Systematic and continuous HSE work is essential to create a good, safe working environment, and the units' work is guided by NTNU's HSE policy.
Norsk versjon: HMS-politikk
This is one of two pages about NTNU's formal HSE policy:
Table of Contents [-]
- HSE policy
- 1. Purpose
- 2. Valid for
- 3. Important terms and definitions
- 4. General provisions
- 5. Responsibilities, roles and tasks
- Tasks delegated by the Rector
- 6. Other roles and tasks in HSE work
- 7. Applicable committees, forums and organizations
HSE policy #
1. Purpose #
The HSE policy should contribute to a safe working environment for all employees and students at NTNU. The policy should support NTNU’s strategy and be normative for NTNU’s systematic HSE work on all levels. Through high quality HSE work and care for the environment, the HSE policy will contribute to the realisation of NTNU's vision.
2. Valid for #
The policy applies to all establishments and organisational units.
3. Important terms and definitions #
HSE: Health, safety and environment
Line manager Managers with HR responsibilities (deputy rectors, pro-rectors, directors, heads of department/section, deans, museum directors, associate professors).
HSE responsibility: All managers are responsible for adequate HSE work. A manager’s HSE responsibility cannot be delegated. However, the Rector and the Board have the overall responsibility for HSE at NTNU. People with HR responsibility are not the only ones who are responsible for HSE; this also applies to people who are tasked with leading or controlling others.
HSE tasks: Tasks related to the systematic HSE work, e.g. planning and performance of risk assessments, HSE training, HSE processes, follow-up on HSE nonconformities etc. HSE tasks and the responsibility for completing them may be delegated from the line manager to other employees (the tasks should be included in the job description).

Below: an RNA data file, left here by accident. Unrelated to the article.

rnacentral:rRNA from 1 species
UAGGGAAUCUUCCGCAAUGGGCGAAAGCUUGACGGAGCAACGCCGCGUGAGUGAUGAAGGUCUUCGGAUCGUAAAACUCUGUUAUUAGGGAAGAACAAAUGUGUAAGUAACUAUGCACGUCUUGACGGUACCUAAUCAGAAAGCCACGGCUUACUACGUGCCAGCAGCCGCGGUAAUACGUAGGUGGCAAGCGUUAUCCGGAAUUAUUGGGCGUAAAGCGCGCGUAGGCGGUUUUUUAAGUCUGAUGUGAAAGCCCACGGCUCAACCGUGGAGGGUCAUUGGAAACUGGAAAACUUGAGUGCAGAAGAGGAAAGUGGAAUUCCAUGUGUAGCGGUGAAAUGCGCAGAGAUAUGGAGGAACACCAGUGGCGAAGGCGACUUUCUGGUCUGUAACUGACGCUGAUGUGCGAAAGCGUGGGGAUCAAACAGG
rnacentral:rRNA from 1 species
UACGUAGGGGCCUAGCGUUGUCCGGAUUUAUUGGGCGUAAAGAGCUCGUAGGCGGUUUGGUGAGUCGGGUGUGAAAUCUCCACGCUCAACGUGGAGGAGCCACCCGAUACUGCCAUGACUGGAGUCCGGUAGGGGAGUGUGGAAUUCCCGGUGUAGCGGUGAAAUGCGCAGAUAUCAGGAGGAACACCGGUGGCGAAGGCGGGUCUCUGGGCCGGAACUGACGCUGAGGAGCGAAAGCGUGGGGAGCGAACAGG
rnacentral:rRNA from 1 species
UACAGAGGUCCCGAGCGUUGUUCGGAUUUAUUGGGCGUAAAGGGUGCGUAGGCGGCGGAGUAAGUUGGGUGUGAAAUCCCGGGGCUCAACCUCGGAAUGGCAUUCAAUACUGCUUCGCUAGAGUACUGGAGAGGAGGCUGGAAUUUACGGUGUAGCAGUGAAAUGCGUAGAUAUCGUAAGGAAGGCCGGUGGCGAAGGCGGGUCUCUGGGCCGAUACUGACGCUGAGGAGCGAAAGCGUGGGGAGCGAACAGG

4. General provisions #
The HSE work must be carried out within the frameworks and provisions in legislation, regulations and NTNU’s strategy. Some important provisions are:
The Working Environment Act and the Internal Control Regulation
NTNU's systematic HSE work is based on the requirements of the Working Environment Act about providing all employees with a completely safe working environment. The requirements for NTNU’s systematic HSE work is provided in the regulation of systematic health, safety and environment work in establishments (the Internal Control Regulation).
- The line manager and the employees should contribute together to create a healthy and safe working environment
- Systematic HSE work should be an integrated part of all activities at NTNU.
- HSE work should be based on transparency and partaking
- HSE related matters should be solved on the lowest possible level
- The line manager has the HSE responsibility at their unit, a responsibility they may not leave to others
- The line manger may delegate HSE tasks to others
- The safety deputy should cooperate with the line manager
- Occupational Health Services should be involved in the HSE work
5. Responsibilities, roles and tasks #
Faculties, departments and University Administration units have the HSE responsibility for their own employees and others who perform work in their facilities, cf. the Working Environment Act §§ 2-1 and 2-2. The HSE responsibility involves making sure that the employees have a completely safe working environment, for instance by:
- Mapping the working environment, including risk assessments
- Involving the safety deputy and Occupational Health Services
- Supervising the working environment
- Adequate resources
All managers have HSE responsibility, see illustration 1. (Students should refer to the Student chapter). People with HSE responsibility, as well as the safety deputies, should keep a continuous dialogue regarding HSE matters. The most important task of the safety deputies is to look after the employees' interests. The safety deputy should contribute to making sure that measures are carried out as planned, and that the systematic HSE work at the unit works well. The safety deputy is an important help for the manager.
The Board #
The Board passes the general goals, strategies and plans for HSE work and makes sure that these are followed up. The Board keeps supervision of this through the Annual HSE Report. The Board must make sure that adequate resources are allocated to follow up the goals, strategies and plans that are put in place.
The Rector #
The Rector is responsible for ensuring a completely safe working environment at NTNU. The Rector must ensure that systematic HSE work is established, developed and maintained, to make sure it meets the requirements in the Internal Control Regulation. The Rector passes the HSE policy. The Rector must ensure that the units receive the necessary training and assistance, present to the Board an annual report about the HSE situation at NTNU, and ensure that measures are taken to reach the goals set for the HSE work. The Rector should assess whether it is necessary to change NTNU's HSE system, using the annual review. The Rector can delegate HSE tasks to subordinate units.